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Ultrasonic machining process makes light work of composites

Researchers at Loughborough University (Leicestershire, UK) have developed a device that they say could revolutionize the way cutting, drilling and milling of composite materials is accomplished. It involves a technique called ultrasonically-assisted machining (UAM), which uses a specially designed piezoelectric transducer working in tandem with a traditional turning, drilling or milling machine.

Researchers at Loughborough University (Leicestershire, UK) have developed a device that they say could revolutionize the way cutting, drilling and milling of composite materials is accomplished. It involves a technique called ultrasonically-assisted machining (UAM), which uses a specially designed piezoelectric transducer working in tandem with a traditional turning, drilling or milling machine.

The device creates ultrasonic vibrations at anywhere between 20 kHz and 39 kHz, and the machining technique makes the composite material sufficiently 'soft' in the area being worked on that much less force is needed from the cutting tool, resulting in less damage, less waste, and a better finish.

Roy of the Rovers
Dr. Anish Roy: Ultrasonically assisted drilling has shown significant improvements in drilling carbon/epoxy composites.
UAM is the brainchild of Professor Vladimir Babitsky, from the university's Wolfson School of Mechanical and Manufacturing Engineering and has been developed extensively in the last few years with the support of Dr. Anish Roy and Professor Vadim Silberschmidt.

Several PhD projects have been successful over the last decade, including the recent work by Vaibhav Phadnis and Farrukh Makhdum, who have been instrumental in tackling the challenging task of drilling in carbon/epoxy composites. Phadnis worked on composites and believes that when the device has been perfected for other materials, like Ni-alloys, it will be a major boost for manufacturers.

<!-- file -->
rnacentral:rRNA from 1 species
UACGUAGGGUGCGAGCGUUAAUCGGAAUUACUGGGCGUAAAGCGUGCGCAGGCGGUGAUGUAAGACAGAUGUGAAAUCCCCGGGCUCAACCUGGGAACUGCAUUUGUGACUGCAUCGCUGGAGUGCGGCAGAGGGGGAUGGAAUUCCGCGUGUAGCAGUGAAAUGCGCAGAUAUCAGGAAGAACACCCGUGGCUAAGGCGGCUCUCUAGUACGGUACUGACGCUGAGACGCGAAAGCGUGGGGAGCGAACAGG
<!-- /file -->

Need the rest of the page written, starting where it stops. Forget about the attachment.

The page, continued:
Roy said: "UK manufacturing production and new orders both continue to rise. This is truly encouraging which implies we ought to be looking for better, economically efficient and sustainable manufacturing methods in the immediate to near future. "Ultrasonically assisted machining could well be the answer to this. The technique has been successful in the laboratory where multi-fold improvements in cutting intractable aerospace alloys have been demonstrated. It makes machining so easy it is like cutting through butter." He added: "Ultrasonically assisted drilling has shown significant improvements in drilling carbon/epoxy composites with significantly reduced damage in the machined composite. This is particularly interesting, as any kind of machining of brittle composites can damage the composite material."

According to Roy, the challenge is to minimize and, if possible, completely eliminate damage due to drilling. "Ultrasonic drilling has shown excellent damage mitigation with remarkable drilling force reductions."

The technique is currently being extended into biomedical applications such as drilling holes in bones for orthopedic surgery. Also, preliminary studies in drilling tiny holes in printed circuit boards show excellent potential for component assembly that require high precision.

Vaibhav, who has been working with Airbus, says the ease of set-up, usage and cost-friendliness of the technology makes it a perfect candidate for future manufacturing processes.

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